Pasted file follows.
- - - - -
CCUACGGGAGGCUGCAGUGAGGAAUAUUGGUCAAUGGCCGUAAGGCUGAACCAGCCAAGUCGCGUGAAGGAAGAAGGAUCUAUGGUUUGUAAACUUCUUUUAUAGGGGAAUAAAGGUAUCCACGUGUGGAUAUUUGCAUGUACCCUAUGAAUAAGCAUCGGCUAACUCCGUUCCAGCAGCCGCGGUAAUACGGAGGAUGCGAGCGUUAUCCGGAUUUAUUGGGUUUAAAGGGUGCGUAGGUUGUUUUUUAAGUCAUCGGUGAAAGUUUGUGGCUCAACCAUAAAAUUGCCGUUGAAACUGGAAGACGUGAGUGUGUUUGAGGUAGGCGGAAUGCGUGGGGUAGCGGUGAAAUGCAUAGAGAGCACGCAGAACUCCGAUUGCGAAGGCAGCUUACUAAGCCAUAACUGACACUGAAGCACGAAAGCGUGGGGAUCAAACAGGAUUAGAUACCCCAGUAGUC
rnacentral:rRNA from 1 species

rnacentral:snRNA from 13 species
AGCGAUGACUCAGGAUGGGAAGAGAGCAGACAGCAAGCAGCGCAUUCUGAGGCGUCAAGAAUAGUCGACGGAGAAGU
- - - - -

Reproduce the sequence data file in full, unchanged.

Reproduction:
CCUACGGGAGGCUGCAGUGAGGAAUAUUGGUCAAUGGCCGUAAGGCUGAACCAGCCAAGUCGCGUGAAGGAAGAAGGAUCUAUGGUUUGUAAACUUCUUUUAUAGGGGAAUAAAGGUAUCCACGUGUGGAUAUUUGCAUGUACCCUAUGAAUAAGCAUCGGCUAACUCCGUUCCAGCAGCCGCGGUAAUACGGAGGAUGCGAGCGUUAUCCGGAUUUAUUGGGUUUAAAGGGUGCGUAGGUUGUUUUUUAAGUCAUCGGUGAAAGUUUGUGGCUCAACCAUAAAAUUGCCGUUGAAACUGGAAGACGUGAGUGUGUUUGAGGUAGGCGGAAUGCGUGGGGUAGCGGUGAAAUGCAUAGAGAGCACGCAGAACUCCGAUUGCGAAGGCAGCUUACUAAGCCAUAACUGACACUGAAGCACGAAAGCGUGGGGAUCAAACAGGAUUAGAUACCCCAGUAGUC
rnacentral:rRNA from 1 species

rnacentral:snRNA from 13 species
AGCGAUGACUCAGGAUGGGAAGAGAGCAGACAGCAAGCAGCGCAUUCUGAGGCGUCAAGAAUAGUCGACGGAGAAGU